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    $\begingroup$ @brichins. Micro is the key here. There is a difference between a tiny shift to compensate for ruffled feathers and a load that amounts to 25% of your body mass shifting significantly. $\endgroup$ – Mad Physicist Oct 5 '17 at 13:58
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Eagles are already used to carrying a load during flight. It usually happens after they hunt and carry their prey to their nest. It also happens on relatively short routes.

Therefore you have two options:

  1. Short routes: a light weight vessel where the passenger(s) or the load is accommodated, which is then taken by the eagle with its claws and carried to destination.
  2. Long routes: the passenger(s) lay flat on the back of the eagle, where the load deals the least disturbance to the flight asset. A periscope can be used to look the path and steer the flight. No way to enjoy to panorama, though.
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    $\begingroup$ On the eagle's back will be a huge disturbance to the flight asset. Even if you were able to stay out of the way of the wings, you would make the bird top-heavy and therefore very unstable. At the very least, it would cause a huge amount of energy expenditure on constant fine balancing adjustments. $\endgroup$ – Mad Physicist Oct 4 '17 at 16:22
  • $\begingroup$ @MadPhysicist I'm not so sure. Eagle wings already have pretty good dihedral which leads to excellent stability. Also, an eagle is already making a hundred tiny course corrections at any time so the eagle should able to handle minor instability. $\endgroup$ – Green Oct 6 '17 at 18:15
  • $\begingroup$ The rider's drag will reduce the eagle's range, no doubt. If the rider isn't flying in the prone position to begin with, this whole arrangement is a non-starter for anything longer than trivially short flights. $\endgroup$ – Green Oct 6 '17 at 18:17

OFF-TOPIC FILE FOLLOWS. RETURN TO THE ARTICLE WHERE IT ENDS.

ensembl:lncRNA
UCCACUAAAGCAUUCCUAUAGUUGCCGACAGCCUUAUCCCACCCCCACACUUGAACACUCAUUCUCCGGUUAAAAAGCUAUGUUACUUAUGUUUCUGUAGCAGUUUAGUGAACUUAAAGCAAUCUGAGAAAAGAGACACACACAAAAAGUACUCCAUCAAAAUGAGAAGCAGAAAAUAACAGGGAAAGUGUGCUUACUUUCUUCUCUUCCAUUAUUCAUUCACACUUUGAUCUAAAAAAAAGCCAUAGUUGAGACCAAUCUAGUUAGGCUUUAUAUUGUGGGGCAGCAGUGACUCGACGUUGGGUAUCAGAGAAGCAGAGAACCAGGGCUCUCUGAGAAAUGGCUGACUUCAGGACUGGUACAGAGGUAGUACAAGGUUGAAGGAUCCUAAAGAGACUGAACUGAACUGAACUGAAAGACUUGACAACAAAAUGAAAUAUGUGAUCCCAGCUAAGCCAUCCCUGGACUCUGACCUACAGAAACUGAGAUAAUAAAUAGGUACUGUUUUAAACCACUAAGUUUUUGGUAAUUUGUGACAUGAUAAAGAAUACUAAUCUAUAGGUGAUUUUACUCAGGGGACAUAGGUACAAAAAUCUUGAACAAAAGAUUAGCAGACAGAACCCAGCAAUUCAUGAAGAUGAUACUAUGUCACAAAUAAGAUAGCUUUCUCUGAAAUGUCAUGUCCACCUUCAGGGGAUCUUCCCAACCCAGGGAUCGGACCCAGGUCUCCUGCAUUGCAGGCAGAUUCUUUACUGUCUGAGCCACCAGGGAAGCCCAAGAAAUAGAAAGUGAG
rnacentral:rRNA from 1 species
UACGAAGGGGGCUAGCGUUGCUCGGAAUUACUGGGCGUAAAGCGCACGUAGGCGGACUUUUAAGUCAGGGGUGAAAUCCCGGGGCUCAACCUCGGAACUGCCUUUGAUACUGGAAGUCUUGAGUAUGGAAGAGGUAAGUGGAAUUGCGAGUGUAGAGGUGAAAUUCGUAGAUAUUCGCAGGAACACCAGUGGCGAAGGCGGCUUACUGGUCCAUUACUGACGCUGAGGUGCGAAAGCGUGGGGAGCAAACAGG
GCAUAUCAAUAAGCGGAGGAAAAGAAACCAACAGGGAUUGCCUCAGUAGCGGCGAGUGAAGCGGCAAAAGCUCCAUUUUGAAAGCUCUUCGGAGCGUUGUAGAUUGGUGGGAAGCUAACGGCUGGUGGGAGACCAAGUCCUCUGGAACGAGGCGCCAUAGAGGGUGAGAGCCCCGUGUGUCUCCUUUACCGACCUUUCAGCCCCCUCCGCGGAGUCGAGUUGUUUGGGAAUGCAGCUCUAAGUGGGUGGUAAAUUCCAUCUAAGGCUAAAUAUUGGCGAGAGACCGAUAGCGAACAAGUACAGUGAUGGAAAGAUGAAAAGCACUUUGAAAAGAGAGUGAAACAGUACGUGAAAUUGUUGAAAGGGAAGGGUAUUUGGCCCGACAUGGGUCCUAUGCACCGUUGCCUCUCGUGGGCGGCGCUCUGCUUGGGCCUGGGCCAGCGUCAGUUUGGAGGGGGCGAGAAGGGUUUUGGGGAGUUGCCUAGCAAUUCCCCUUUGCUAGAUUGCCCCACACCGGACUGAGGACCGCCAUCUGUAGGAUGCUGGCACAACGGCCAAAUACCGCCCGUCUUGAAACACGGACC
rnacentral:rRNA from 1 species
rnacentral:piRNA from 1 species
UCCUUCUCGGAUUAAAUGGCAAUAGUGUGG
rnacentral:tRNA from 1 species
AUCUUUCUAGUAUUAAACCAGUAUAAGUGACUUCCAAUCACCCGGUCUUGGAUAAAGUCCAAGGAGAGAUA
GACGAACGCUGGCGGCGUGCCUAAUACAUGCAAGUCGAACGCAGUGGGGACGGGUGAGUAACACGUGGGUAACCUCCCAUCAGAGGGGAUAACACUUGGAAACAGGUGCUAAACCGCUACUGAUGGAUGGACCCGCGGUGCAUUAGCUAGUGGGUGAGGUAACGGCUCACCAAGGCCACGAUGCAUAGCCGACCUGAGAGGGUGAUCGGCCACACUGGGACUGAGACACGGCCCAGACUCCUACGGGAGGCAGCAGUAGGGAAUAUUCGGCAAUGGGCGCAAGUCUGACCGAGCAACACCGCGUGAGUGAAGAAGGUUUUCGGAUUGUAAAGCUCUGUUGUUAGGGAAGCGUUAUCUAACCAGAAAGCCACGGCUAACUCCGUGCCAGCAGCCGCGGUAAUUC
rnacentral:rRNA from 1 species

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One thing to consider here is the eagle's carrying capacity vs its weight. A 12lb (very large) bald eagle can carry ~4-5lbs (source). Let's pretend that this carrying capacity of 1:3 scales up with size. You are pretty much forced to suspend the cargo under the eagle at this point, because you are asking it to carry nearly a third of its weight. Even with a cargo representing a much smaller fraction of the eagle's weight, placing the weight anywhere above the center of gravity will make the bird extremely unstable, no matter how carefully you balance the cargo because the eagle is not stable in one dimension like ground-based beasts of burden. That also happens to be how real eagles carry the prey they capture in their talons.

While contradicting the way eagle riders are often portrayed, being suspended under the eagle would actually have a huge advantages over riding on top for recreational applications:

  1. You could see where you are going.
  2. You could observe the panorama below.
  3. You could hunt with ranged weapons from an eagle without much risk of killing it. Archery would almost certainly be fine in terms of not knocking your own bird from the sky. You'd have to do a bit more research to figure out if firearms would work. I certainly wouldn't recommend using a bazooka or rocket launcher, regardless of how fireproof these eagles are.
  4. You could jump off with little risk to yourself or the mount. If people could ride eagles, that someone would try parachuting off an eagle is pretty much a given.
  5. You could have eagle-based UFC with strictly the riders fighting each other. This would probably be much more acceptable from an animal rights perspective, as well as safer. You would not want the platform and the combatant to be one and the same when you are very high up.
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  • $\begingroup$ This is a very good point. Unfortunately the result is that a 150lb person needs a 450lb eagle. Add 50lb of equipment and you're talking a 600lb eagle. You're squarely in microlight territory there as far as weight goes, and animal-wise that's the weight of a small pony. Getting this off the ground would be rather difficult! $\endgroup$ – Graham Oct 4 '17 at 23:43
  • $\begingroup$ @Graham, which is why OP accepts it for a postulate in their world. There are a few reasons this scenario is impossible. $\endgroup$ – Mad Physicist Oct 5 '17 at 1:20
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    $\begingroup$ Additionally, from below the eagle you can use ranged weapons on targets on the ground without any risk of hitting your mount. $\endgroup$ – Greenstone Walker Oct 5 '17 at 1:28